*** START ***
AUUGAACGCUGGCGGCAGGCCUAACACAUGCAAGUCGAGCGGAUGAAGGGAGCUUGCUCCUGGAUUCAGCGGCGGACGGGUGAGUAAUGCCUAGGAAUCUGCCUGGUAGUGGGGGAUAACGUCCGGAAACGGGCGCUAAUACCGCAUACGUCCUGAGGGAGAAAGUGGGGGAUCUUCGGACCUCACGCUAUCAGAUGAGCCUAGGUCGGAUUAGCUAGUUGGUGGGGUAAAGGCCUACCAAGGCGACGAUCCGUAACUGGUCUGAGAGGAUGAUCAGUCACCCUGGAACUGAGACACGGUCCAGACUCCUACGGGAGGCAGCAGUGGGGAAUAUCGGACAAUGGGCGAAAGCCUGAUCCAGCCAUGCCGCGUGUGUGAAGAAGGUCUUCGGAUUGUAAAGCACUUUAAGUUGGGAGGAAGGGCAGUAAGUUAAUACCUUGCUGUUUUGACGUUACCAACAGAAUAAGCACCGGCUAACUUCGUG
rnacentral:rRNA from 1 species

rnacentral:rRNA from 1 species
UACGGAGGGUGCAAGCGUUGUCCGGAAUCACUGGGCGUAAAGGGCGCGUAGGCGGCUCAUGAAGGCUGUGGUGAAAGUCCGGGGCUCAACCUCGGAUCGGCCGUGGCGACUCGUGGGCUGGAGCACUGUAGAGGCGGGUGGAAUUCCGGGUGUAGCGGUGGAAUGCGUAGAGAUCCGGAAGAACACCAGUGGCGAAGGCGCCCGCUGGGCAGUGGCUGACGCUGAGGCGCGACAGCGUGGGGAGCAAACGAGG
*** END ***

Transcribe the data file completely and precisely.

AUUGAACGCUGGCGGCAGGCCUAACACAUGCAAGUCGAGCGGAUGAAGGGAGCUUGCUCCUGGAUUCAGCGGCGGACGGGUGAGUAAUGCCUAGGAAUCUGCCUGGUAGUGGGGGAUAACGUCCGGAAACGGGCGCUAAUACCGCAUACGUCCUGAGGGAGAAAGUGGGGGAUCUUCGGACCUCACGCUAUCAGAUGAGCCUAGGUCGGAUUAGCUAGUUGGUGGGGUAAAGGCCUACCAAGGCGACGAUCCGUAACUGGUCUGAGAGGAUGAUCAGUCACCCUGGAACUGAGACACGGUCCAGACUCCUACGGGAGGCAGCAGUGGGGAAUAUCGGACAAUGGGCGAAAGCCUGAUCCAGCCAUGCCGCGUGUGUGAAGAAGGUCUUCGGAUUGUAAAGCACUUUAAGUUGGGAGGAAGGGCAGUAAGUUAAUACCUUGCUGUUUUGACGUUACCAACAGAAUAAGCACCGGCUAACUUCGUG
rnacentral:rRNA from 1 species

rnacentral:rRNA from 1 species
UACGGAGGGUGCAAGCGUUGUCCGGAAUCACUGGGCGUAAAGGGCGCGUAGGCGGCUCAUGAAGGCUGUGGUGAAAGUCCGGGGCUCAACCUCGGAUCGGCCGUGGCGACUCGUGGGCUGGAGCACUGUAGAGGCGGGUGGAAUUCCGGGUGUAGCGGUGGAAUGCGUAGAGAUCCGGAAGAACACCAGUGGCGAAGGCGCCCGCUGGGCAGUGGCUGACGCUGAGGCGCGACAGCGUGGGGAGCAAACGAGG